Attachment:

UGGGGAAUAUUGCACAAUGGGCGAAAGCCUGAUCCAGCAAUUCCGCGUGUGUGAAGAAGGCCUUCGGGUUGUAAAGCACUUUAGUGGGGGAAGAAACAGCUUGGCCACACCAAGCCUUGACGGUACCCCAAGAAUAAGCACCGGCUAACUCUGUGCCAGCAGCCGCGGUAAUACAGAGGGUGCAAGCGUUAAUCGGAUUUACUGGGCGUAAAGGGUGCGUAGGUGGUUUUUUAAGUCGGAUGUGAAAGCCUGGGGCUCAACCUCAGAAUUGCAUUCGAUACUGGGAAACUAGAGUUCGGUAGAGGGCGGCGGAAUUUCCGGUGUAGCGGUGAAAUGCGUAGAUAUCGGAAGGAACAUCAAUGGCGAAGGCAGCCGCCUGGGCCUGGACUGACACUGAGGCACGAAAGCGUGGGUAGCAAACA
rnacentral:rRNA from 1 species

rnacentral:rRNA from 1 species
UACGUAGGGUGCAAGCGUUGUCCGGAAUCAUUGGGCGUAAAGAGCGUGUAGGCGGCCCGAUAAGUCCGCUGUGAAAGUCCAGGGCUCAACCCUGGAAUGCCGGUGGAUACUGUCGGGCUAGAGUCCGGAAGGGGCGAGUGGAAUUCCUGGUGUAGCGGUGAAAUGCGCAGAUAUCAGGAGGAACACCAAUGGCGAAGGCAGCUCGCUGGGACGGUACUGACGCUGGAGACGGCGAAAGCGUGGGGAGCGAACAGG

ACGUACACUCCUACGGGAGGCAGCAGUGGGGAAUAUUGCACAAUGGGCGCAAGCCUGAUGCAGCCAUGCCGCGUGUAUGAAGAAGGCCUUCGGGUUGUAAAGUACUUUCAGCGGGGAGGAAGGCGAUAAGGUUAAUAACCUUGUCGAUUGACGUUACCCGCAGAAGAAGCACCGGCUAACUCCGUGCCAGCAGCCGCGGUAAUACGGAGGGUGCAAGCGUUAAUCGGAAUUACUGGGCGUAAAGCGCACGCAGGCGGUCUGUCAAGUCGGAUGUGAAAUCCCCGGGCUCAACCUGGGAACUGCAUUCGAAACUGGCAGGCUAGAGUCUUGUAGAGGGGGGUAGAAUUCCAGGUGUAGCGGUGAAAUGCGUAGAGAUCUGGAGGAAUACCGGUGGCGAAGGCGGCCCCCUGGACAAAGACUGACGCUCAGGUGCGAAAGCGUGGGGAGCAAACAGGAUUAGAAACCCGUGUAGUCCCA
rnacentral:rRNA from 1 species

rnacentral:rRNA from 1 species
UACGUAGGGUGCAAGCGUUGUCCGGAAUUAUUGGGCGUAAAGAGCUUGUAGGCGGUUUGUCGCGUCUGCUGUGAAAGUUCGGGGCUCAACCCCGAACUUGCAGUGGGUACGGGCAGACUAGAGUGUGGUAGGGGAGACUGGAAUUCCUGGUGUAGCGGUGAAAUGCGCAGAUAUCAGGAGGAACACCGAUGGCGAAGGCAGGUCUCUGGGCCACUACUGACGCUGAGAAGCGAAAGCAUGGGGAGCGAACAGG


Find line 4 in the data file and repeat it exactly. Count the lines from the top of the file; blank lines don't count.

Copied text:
UACGUAGGGUGCAAGCGUUGUCCGGAAUCAUUGGGCGUAAAGAGCGUGUAGGCGGCCCGAUAAGUCCGCUGUGAAAGUCCAGGGCUCAACCCUGGAAUGCCGGUGGAUACUGUCGGGCUAGAGUCCGGAAGGGGCGAGUGGAAUUCCUGGUGUAGCGGUGAAAUGCGCAGAUAUCAGGAGGAACACCAAUGGCGAAGGCAGCUCGCUGGGACGGUACUGACGCUGGAGACGGCGAAAGCGUGGGGAGCGAACAGG